Training shouldn’t be reserved for new hires exclusively. The doctor and clinical staff are often pursuing additional training like CME credits throughout the year, but your administrative and support staff are sometimes overlooked.
Here’s 3 essential medical office employee training initiatives that are low-cost and will pay off big:
1. Customer Service Training
Overall patient experience is one of the most critical factors contributing to your practice’s bottom line. More than 75% of your patient interactions are with support staff and not one-on-one with a clinician or physician.
Establishing regular customer service training for your staff can be the difference between satisfied patients and dissatisfied ones. And, properly training your staff as to why and how the patient experience effects your practice will help lead to necessary buy-in by employees.
Training doesn’t need to be formal and boring.
Make it fun
Intertwine it with day-to-day operations
Create a contest
Recognize exceptional customer service
2. Social Media Training
Although most practices don’t allow employees to have access to social media on their computers (heck, some don’t even provide email to employees), more often than not, your employees are still looking at their social accounts on their mobile phone (we know, this could never be the case in your office).
Rather than fight it, consider embracing it.
A few years back, we had an orthopaedic client who decided to enter a local social media contest. It was called ‘Social Media Madness’. And yes, it was madness. Our client won the local contest (they’re in a major local media market so it was no small feat) and we went on to place 8th nationally. We learned a ton about social engagement including what worked and what didn’t.
During the heat of the contest when it was neck to neck with some big players, one thing was extremely clear: Employee engagement was our differentiator. The practice has over 150 employees and their reach on social media and their buy-in and highly competitive enthusiasm for winning this contest gave us the extra momentum we needed to win.
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Every day, we would encourage employees to:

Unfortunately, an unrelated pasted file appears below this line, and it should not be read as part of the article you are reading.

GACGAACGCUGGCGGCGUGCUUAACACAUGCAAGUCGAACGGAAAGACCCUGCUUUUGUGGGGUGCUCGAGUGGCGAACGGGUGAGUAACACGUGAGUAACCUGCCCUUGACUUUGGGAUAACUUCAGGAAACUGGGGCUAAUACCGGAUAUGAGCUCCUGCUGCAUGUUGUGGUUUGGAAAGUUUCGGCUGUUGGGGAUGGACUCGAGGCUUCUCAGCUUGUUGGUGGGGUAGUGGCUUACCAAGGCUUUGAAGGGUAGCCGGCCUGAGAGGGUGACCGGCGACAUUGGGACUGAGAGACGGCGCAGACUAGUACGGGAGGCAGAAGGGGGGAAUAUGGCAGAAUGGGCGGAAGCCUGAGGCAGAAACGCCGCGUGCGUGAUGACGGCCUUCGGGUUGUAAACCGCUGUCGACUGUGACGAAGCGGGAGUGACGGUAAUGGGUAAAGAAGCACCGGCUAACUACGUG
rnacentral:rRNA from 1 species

Check-in on their smart phone (boom, that gave us huge reach socially)
Like and share photos (another boom, that gave us tons of brand reach)
Share ideas (ideas can be hard to come by, so this was very helpful)
The point is, employee engagement was the game changer. Plus, it created a positive energy throughout the practice and engaged everybody in the process. Our teams were engaged and the result was:
Increased social media reach and
Branding that resulted in more than a million new impressions for the practice (most of which didn’t cost a penny)
3. Sales Training
Your employees don’t sell anything, so why offer them sales training?
Because training employees in sales will help you become profitable.
Sure, we’d all like to think that our practice doesn’t ‘sell’ anything but with the squeeze on healthcare profitability, that’s just not the case.
Ancillary services and products are now a part of every smart practice and your employees need to fully understand how to sell them.
An ortho practice might offer in-house MRI and physical therapy, DME products and even items like orthopaedic flip-flops
We work with a board certified ophthalmologist who also offers laser hair removal, injectables, medical grade skin peels and full spa services
Chiropractors sometimes offer monthly wellness plans, spa services and even skin care products.
An ENT practice might offer adult and pediatric services and even facial cosmetic and reconstruction
The fact is, everybody is selling something and it’s important that your staff understand this and have the necessary training (not just how to sell, but you should train them on what you offer and how the products work as well).
When it comes to cosmetics, fillables, facials, laser hair removal, etc. we encourage you to offer these services to your employees free of charge once in a while so that they fully appreciate how the products work and what the patient is going to experience.